India, in the recent past, is increasingly being regarded as the next potential economic super giant after China. One of the prime reasons behind such optimism is its ballooning young population. Such hope stems from an expectation that as more population of India enters the working age, more could it reap the economic benefits, something which we technically call as “Demographic dividend” in economic parlance. India’s demography cruised into this zone in 2018 when its working-age population had outnumbered its dependent population for the first-time in the post-independence. As a result, this is widely touted as a window of opportunity for Indian economic aspirations. This optimism has its genesis in the success stories of Japan, China, South Korea, etc., during the second half of the 20th century, wherein their demographic dividend helped these countries to metamorphose into elephantine economies. Ireland is another compelling example, which has cashed in on its demographic dividend and earned the title “Celtic Tiger”. These stories naturally rake a curiosity to know what actually is demographic dividend. So, let’s dwell deeper into it.
Understanding Demographic Dividend
Before defining the demographic dividend, let’s take a short detour to understand the way population growth was historically looked at. During the 18th and 19th centuries, the growing population was regarded as the nemesis of economic progression. The 18th century’s infamous Malthusian theory propounded that population and economic growth be a zero-sum game and that increased population always results in poverty. However, after the dust of World War II settled down, several countries like Japan, China, etc., have debunked the age-old myths and proved to the world that with proper planning demographic shifts could be curated into demographic dividends.
The demographic dividend refers to the growth in an economy that resulted from a change in the age structure of a country’s population. The shift in age pattern is usually brought in by the fall in both fertility and mortality rates. The cumulative effect of low birth rate in tandem with low death rate ensures that the population within the age bracket of 15-64 years outnumber the dependent population. With fewer people to be taken care of and more people participating in the labour force, there will be more hands to work, rechannelling of funds from welfare to development, and increased investment in an economy that pays rich dividends. Now, let us dive into India’s sojourn in this window of opportunity.
With the increasing all-round development that India has witnessed post the LPG reforms, there has been a steady decline in fertility rate and mortality rate, which presently stand at 2.0 (NFHS-2021) and 7.3/1000 (2020), respectively. Consequently, India’s working-age population outnumbered its dependent population for the first time in the year 2018.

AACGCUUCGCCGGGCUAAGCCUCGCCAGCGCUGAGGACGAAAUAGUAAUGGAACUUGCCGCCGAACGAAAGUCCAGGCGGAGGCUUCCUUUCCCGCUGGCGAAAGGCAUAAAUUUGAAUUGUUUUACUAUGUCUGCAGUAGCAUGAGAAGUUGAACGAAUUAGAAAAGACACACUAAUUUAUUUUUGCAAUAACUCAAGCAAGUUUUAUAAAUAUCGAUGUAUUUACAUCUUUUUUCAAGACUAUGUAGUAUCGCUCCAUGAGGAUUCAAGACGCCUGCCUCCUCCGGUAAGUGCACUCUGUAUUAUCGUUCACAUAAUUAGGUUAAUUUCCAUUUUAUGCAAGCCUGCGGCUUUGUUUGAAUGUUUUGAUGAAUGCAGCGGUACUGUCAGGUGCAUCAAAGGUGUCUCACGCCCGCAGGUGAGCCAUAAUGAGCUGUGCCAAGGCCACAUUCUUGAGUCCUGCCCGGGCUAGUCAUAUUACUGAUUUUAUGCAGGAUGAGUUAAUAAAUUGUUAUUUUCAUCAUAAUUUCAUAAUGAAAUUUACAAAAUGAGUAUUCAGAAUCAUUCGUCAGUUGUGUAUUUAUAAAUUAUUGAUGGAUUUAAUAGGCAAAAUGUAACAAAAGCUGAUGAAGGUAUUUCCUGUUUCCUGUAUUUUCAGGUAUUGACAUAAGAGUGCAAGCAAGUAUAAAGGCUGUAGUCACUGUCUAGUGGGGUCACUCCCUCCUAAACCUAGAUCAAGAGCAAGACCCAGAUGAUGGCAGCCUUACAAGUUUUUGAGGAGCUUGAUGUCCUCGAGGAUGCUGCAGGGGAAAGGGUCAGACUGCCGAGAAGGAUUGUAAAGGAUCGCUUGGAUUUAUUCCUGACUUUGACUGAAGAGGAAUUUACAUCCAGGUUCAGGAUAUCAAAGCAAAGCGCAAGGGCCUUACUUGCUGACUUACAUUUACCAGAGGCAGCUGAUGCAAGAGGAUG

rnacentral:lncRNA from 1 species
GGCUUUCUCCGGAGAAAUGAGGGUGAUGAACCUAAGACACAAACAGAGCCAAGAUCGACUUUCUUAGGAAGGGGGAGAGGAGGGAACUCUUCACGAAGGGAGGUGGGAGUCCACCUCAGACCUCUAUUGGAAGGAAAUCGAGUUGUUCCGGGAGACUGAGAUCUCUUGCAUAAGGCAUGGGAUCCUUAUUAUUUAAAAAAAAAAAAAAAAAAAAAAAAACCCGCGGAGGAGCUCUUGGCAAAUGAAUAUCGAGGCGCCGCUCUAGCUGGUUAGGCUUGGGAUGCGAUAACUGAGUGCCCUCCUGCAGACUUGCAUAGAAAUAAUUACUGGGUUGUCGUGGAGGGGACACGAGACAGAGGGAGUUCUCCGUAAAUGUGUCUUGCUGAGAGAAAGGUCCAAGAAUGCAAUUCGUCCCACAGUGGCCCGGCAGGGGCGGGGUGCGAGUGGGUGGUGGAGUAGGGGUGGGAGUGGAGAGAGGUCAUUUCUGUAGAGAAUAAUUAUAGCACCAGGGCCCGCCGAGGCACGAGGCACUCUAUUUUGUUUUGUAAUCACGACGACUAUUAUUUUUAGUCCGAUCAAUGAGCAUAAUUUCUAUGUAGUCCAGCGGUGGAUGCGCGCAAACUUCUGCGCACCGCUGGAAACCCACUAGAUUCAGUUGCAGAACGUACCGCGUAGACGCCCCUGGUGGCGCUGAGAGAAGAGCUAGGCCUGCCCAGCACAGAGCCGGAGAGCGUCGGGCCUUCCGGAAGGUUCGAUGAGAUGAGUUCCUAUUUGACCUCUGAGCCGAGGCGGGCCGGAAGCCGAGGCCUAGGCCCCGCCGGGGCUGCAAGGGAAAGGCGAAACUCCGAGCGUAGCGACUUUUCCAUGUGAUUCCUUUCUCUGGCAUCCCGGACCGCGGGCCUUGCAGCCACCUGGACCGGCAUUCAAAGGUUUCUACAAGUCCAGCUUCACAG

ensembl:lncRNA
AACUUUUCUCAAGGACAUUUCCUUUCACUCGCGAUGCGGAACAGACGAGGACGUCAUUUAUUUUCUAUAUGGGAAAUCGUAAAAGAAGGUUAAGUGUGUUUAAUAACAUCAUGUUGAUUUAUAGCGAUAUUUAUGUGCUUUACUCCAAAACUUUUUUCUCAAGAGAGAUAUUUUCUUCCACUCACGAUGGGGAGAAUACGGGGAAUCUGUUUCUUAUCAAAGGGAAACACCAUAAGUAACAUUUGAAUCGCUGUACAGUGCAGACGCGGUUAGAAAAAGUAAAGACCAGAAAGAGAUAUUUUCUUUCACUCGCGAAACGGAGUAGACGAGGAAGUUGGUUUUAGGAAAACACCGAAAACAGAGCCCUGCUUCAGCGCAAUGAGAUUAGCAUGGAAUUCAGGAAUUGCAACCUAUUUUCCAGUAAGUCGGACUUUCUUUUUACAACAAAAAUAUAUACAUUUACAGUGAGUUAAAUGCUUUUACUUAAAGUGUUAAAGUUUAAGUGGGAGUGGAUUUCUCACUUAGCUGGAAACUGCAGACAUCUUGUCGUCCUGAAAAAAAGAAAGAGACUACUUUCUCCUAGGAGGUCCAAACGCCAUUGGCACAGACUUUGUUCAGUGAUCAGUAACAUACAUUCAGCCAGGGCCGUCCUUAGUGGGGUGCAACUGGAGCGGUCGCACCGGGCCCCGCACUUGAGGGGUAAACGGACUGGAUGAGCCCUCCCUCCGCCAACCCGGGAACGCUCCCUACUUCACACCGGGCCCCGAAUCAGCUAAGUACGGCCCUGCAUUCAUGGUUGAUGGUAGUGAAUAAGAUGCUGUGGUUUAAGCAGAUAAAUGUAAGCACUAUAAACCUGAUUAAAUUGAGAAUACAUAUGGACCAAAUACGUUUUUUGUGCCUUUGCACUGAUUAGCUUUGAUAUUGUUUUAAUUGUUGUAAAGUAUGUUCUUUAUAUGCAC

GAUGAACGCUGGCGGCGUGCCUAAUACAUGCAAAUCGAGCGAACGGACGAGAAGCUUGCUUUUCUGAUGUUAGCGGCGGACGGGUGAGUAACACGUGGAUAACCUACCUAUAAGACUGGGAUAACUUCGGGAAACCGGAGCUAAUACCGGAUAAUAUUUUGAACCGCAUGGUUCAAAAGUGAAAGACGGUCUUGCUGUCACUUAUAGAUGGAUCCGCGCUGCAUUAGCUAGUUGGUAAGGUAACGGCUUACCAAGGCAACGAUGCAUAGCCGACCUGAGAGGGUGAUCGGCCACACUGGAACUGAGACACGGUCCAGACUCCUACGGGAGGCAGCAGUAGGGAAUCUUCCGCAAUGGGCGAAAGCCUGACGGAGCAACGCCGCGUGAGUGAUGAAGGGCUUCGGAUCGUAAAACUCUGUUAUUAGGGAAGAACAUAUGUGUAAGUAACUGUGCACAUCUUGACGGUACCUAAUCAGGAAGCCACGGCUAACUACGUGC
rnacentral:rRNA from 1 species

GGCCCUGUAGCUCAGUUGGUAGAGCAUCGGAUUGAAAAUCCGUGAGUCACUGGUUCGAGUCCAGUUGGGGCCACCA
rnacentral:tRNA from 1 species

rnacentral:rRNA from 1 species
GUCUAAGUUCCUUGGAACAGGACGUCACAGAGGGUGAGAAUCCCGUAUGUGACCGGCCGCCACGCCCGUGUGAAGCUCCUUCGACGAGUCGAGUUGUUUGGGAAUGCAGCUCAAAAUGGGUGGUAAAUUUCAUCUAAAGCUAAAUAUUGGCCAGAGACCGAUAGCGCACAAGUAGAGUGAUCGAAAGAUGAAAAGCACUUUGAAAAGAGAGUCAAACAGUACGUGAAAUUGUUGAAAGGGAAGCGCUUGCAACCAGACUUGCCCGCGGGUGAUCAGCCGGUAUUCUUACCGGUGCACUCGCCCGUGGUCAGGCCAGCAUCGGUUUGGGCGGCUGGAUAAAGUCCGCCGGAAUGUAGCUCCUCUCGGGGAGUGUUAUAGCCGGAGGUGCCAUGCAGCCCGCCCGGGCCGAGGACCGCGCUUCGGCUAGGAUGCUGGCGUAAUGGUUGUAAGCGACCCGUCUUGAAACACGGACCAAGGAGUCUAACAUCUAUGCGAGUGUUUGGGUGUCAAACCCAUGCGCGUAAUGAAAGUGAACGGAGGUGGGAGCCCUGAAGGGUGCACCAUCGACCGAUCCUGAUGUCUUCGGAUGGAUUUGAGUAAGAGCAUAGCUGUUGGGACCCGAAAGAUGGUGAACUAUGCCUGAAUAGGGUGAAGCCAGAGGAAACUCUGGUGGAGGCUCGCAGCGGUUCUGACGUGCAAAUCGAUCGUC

This spike in the working-age population is expected to last till 2055, i.e., 37 years beginning from 2018. The median age in India would be 28 years by 2022-23, compared to 37 in China and 45 in western Europe. This relatively long window of opportunity is expected to accrue the following dividends to India;
- Increased labour supply.
- Increased savings. As the percentage of the dependent population declines, individuals could save more. This increases the national savings, which could be channelised into investments.
- Decline in fertility rate results in healthier women and fewer work pressures at home. This would free a lot of women from domestic bondage and lands them in workforce.
- Decline in the number of off-springs allows parents to invest more resources per child, improving their educational and health prospects.
- Rise in domestic demand availed by the increasing GDP per capita.
- According to the survey conducted by the prince trust and HSBC, the younger the population, the more climate-conscious they are, as its survey reports that 85% of Indian youth are interested in green jobs.
Due to the above prospects, the Centre for Economic and Business Research (CEBR) reckons that, despite the pandemic drag, India is well poised to grow into the world’s third-largest economy by 2030.
The stumbling blocks: What’s crippling our demography?
The Demographic dividend isn’t a readymade gift-wrapped boon to the nation. In order for it to fructify, there are many factors that need to be made to fall in line, which we couldn’t do so far. A few of those are as follows.
Poor Human Capital